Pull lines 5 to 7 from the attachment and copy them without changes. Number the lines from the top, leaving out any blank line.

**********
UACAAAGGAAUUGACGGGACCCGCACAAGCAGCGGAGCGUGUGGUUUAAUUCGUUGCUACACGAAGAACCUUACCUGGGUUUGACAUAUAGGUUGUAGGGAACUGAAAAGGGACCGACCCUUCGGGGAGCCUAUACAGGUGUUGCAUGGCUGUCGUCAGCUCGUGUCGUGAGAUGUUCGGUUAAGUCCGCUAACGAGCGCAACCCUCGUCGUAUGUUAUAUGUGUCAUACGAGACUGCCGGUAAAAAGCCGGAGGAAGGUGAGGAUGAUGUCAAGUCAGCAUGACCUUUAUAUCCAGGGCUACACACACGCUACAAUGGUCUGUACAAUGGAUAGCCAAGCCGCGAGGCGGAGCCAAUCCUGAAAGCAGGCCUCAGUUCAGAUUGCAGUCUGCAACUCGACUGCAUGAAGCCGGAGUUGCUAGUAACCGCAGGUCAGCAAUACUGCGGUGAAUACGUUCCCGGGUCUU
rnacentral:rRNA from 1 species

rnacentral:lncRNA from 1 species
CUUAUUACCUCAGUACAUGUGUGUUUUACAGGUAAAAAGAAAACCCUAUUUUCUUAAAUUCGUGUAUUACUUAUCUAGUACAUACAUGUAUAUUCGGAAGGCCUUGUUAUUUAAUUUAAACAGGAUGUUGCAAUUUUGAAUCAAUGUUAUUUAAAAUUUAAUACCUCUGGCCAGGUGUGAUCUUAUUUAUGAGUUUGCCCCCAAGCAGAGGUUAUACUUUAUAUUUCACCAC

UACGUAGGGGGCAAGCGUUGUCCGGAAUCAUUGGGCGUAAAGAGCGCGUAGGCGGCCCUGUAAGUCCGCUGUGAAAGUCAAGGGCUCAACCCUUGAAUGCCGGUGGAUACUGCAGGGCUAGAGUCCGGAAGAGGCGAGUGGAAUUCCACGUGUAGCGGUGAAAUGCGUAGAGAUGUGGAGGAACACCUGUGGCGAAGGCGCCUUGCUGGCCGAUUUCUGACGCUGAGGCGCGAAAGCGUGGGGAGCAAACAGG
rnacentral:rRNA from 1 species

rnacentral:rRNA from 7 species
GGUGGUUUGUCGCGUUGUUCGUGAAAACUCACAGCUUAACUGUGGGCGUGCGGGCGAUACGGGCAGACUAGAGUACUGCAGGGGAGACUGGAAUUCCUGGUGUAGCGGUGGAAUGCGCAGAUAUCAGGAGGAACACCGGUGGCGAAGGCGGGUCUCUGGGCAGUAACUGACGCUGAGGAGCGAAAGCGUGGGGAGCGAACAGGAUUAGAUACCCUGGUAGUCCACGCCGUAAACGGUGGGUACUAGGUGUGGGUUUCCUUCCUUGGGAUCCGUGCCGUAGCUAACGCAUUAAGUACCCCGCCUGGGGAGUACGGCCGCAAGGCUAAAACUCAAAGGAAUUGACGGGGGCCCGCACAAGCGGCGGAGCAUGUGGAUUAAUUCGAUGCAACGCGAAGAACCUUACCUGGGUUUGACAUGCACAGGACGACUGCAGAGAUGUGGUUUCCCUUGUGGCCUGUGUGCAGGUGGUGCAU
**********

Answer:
UACGUAGGGGGCAAGCGUUGUCCGGAAUCAUUGGGCGUAAAGAGCGCGUAGGCGGCCCUGUAAGUCCGCUGUGAAAGUCAAGGGCUCAACCCUUGAAUGCCGGUGGAUACUGCAGGGCUAGAGUCCGGAAGAGGCGAGUGGAAUUCCACGUGUAGCGGUGAAAUGCGUAGAGAUGUGGAGGAACACCUGUGGCGAAGGCGCCUUGCUGGCCGAUUUCUGACGCUGAGGCGCGAAAGCGUGGGGAGCAAACAGG
rnacentral:rRNA from 1 species

rnacentral:rRNA from 7 species